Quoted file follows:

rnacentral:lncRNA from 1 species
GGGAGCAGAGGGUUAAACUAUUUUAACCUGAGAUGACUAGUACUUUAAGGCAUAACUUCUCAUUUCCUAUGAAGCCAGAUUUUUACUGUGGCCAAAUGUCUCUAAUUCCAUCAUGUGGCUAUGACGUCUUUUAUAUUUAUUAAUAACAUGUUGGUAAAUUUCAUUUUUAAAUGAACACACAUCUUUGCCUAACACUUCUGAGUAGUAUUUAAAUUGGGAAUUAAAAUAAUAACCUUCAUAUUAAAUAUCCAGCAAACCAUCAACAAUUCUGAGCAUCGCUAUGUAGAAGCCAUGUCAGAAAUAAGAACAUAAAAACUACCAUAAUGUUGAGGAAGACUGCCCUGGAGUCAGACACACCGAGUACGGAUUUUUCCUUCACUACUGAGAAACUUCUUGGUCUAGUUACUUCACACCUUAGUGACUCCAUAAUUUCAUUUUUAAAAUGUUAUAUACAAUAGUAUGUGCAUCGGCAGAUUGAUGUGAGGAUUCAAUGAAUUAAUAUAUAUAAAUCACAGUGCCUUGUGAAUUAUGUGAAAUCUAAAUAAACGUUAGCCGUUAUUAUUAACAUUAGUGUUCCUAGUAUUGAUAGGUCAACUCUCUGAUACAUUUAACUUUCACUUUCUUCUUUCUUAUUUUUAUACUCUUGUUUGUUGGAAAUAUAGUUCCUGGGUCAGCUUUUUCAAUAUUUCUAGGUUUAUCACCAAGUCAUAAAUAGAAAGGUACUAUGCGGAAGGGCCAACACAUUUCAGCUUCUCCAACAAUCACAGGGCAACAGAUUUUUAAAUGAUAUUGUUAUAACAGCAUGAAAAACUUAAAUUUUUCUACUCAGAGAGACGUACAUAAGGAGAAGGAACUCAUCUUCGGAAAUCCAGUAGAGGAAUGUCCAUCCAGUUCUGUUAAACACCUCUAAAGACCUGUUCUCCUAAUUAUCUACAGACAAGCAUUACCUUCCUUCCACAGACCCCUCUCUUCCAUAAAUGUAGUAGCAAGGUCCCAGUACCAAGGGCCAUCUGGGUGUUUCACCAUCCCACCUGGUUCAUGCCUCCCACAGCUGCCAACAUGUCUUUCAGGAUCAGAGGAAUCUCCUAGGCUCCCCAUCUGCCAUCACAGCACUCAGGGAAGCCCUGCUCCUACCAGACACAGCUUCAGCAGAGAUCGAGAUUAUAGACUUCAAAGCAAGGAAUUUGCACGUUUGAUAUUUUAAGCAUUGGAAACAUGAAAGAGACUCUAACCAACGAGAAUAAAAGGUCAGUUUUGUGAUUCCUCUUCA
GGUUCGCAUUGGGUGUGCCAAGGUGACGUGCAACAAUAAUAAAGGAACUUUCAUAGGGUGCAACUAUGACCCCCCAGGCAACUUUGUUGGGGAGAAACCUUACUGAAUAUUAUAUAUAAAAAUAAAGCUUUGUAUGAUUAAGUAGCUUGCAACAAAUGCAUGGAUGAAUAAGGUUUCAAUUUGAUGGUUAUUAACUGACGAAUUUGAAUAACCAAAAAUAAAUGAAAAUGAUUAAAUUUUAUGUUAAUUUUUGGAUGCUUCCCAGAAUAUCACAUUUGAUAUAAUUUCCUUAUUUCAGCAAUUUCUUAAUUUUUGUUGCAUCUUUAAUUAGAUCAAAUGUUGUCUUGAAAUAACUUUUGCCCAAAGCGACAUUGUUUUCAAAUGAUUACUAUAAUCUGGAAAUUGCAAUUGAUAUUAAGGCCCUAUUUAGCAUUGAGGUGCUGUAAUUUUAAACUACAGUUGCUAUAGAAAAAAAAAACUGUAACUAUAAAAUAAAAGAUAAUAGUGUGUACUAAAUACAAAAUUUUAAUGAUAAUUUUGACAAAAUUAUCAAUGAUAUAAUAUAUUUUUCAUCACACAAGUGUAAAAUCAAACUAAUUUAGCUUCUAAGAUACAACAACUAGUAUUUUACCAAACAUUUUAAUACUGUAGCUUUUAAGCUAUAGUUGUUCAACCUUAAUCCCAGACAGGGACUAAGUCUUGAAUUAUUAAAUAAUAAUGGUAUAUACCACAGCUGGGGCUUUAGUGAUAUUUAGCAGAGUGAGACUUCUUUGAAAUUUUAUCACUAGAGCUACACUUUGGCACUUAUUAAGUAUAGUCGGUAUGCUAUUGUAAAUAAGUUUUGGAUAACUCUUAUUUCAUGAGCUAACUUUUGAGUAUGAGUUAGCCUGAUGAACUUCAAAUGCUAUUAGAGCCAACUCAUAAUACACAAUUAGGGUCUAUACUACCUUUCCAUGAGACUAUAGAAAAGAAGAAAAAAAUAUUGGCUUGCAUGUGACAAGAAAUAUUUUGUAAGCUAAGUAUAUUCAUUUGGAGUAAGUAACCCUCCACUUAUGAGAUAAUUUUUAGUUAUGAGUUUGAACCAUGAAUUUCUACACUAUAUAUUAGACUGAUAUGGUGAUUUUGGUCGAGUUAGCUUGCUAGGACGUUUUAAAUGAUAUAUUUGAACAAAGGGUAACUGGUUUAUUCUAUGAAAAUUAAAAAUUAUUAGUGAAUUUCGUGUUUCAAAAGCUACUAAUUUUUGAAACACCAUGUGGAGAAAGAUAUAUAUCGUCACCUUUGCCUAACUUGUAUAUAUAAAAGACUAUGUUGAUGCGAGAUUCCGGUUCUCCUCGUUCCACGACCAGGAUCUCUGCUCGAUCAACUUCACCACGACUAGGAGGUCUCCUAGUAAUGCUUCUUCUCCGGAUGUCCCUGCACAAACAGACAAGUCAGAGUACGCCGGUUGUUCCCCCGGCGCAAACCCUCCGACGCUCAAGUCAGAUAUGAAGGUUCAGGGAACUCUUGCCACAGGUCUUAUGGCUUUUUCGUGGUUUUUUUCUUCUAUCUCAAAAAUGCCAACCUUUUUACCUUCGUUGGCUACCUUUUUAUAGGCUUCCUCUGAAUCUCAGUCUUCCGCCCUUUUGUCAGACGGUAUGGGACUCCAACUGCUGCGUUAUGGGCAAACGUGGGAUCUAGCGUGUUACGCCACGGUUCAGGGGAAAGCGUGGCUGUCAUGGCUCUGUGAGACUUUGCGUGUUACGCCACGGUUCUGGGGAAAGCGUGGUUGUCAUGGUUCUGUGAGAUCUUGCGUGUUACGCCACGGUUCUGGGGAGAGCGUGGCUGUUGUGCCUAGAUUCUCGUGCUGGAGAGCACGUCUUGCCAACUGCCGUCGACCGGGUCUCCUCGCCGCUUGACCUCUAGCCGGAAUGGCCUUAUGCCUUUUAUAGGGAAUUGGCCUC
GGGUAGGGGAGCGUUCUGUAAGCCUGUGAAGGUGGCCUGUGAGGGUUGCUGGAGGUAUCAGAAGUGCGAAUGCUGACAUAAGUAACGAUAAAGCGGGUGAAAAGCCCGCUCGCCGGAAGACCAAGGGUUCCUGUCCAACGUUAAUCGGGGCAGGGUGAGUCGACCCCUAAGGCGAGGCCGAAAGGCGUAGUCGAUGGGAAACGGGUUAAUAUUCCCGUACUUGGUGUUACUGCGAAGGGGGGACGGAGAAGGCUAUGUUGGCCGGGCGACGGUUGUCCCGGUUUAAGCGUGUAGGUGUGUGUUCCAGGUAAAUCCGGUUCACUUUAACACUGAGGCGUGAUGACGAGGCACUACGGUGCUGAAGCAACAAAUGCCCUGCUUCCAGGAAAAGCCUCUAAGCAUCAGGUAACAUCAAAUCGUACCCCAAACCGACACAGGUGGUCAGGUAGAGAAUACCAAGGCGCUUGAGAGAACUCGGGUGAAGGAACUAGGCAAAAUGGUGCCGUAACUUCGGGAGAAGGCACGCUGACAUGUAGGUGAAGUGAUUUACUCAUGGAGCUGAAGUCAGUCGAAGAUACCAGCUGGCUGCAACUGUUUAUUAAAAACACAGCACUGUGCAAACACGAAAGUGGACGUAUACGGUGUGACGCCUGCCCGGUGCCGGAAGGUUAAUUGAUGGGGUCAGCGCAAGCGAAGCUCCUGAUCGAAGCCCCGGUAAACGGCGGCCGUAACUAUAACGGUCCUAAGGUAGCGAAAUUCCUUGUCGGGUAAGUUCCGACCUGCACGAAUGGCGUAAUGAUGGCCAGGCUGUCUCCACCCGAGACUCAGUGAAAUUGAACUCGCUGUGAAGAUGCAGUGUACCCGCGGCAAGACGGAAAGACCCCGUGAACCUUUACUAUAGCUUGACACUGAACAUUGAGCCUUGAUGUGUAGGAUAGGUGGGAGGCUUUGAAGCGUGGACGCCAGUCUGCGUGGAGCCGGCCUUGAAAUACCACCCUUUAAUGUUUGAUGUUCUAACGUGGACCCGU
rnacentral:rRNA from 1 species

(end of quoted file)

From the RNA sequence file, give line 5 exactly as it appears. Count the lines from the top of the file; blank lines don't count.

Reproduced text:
rnacentral:rRNA from 1 species